The illustrated touch sensor 16 is a single touch pad extending along the forward side of the neck 14 and facing forward to form the fret board having a plurality of frets. A plurality of laterally extending demarcations 22 is provided along the length of the touch pad to form the plurality of separate frets. The demarcations 22 can be marked onto the surface of the touch pad, indentations in the surface of the touch pad, protuberances from the surface of the touch pad, or any other suitable manner of establishing separate frets along the touch pad. The touch pad can be of any suitable type such that it indicates the finger position of the user by sending electronic signals as the user places their fingers along the fret board (that is, as the user's fingers engage the touch pad) to simulate pressing strings of a stringed guitar. It is noted that the touch sensor 16 can alternatively be a plurality of separate touch pads that form the plurality of frets. It is also noted that the touch sensor 16 can alternatively be an array of touch pads or touch switches where the array includes a plurality of rows of pads or switches to form the frets and each row has a plurality of pads or switches to form the “strings”. It is further noted that any other suitable type of touch sensor 16 can alternatively be utilized.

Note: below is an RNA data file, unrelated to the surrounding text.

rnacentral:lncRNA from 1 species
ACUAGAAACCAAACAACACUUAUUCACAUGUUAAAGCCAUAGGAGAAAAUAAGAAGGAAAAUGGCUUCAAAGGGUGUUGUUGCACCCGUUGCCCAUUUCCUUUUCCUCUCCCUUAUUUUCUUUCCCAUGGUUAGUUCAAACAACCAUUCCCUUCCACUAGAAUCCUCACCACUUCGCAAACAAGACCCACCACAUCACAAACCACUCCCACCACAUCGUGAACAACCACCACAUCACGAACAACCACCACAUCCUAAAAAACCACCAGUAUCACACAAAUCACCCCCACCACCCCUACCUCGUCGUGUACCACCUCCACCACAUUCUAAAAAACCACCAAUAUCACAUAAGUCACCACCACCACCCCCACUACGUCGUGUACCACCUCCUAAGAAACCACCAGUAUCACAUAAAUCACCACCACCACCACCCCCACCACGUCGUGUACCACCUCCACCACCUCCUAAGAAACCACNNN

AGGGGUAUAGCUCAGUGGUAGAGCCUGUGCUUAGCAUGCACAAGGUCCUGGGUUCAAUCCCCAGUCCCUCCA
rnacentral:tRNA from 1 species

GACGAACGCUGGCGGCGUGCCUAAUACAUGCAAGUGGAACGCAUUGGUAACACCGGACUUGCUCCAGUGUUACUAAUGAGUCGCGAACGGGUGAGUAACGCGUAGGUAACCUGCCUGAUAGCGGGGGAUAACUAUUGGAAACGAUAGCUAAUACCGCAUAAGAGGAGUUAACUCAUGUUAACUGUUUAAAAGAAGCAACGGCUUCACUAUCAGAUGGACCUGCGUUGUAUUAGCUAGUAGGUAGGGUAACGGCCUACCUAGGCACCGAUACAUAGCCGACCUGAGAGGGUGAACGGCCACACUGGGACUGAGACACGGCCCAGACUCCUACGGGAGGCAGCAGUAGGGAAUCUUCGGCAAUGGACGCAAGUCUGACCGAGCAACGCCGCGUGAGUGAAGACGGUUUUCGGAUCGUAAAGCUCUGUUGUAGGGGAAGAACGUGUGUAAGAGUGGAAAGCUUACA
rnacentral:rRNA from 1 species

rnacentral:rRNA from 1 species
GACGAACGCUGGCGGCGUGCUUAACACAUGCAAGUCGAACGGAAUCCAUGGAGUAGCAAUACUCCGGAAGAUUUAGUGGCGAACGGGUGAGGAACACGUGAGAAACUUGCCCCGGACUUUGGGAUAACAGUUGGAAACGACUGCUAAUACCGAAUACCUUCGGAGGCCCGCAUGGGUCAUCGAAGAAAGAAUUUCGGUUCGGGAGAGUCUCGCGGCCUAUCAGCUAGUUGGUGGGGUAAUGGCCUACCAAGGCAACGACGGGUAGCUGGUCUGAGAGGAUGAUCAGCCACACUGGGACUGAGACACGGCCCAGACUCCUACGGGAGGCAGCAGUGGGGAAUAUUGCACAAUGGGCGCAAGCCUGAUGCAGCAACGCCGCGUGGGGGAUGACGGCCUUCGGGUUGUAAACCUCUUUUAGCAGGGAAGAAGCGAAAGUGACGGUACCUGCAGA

The illustrated touch screen 18 is forward facing and located at a sound board area of the body 12 which is centrally located on the front side of the body 12. The touch screen 18 is for indicating finger position of the user by sending electronic signals as the user places their fingers along the sound board (that is, as the user's fingers engage the touch screen 18) to simulate strumming, plucking, tapping, or the like the strings of a stringed guitar. The touch screen 18 preferably used to display an image of a plurality of strings to visually simulate a stringed guitar at the sound board. The illustrated touch screen 18 is provided by a commercially available, off-the-shelf, tablet computer 24 which is removably secured to the body 12 as described in more detail hereinafter. The tablet computer 24 can be of any suitable type having a touch screen 18 and a general purpose processor capable of operating suitable software. A suitable tablet computer 24 is, for example, an iPad available from Apple Inc. of Cupertino, Calif.
The illustrated body 12 has a receptacle 26 for receiving and removably securing the tablet computer 24 to the body 12. The illustrated receptacle 26 is a recess or cavity 28 open at only its forward side and sized and shaped to closely receive the tablet computer 24 therein with the forward surface of the tablet computer 24, that is, the touch screen 18, generally flush with the forward surface of the body 12. That is, the depth of the cavity 28 is substantially equal to the depth of the tablet computer 24.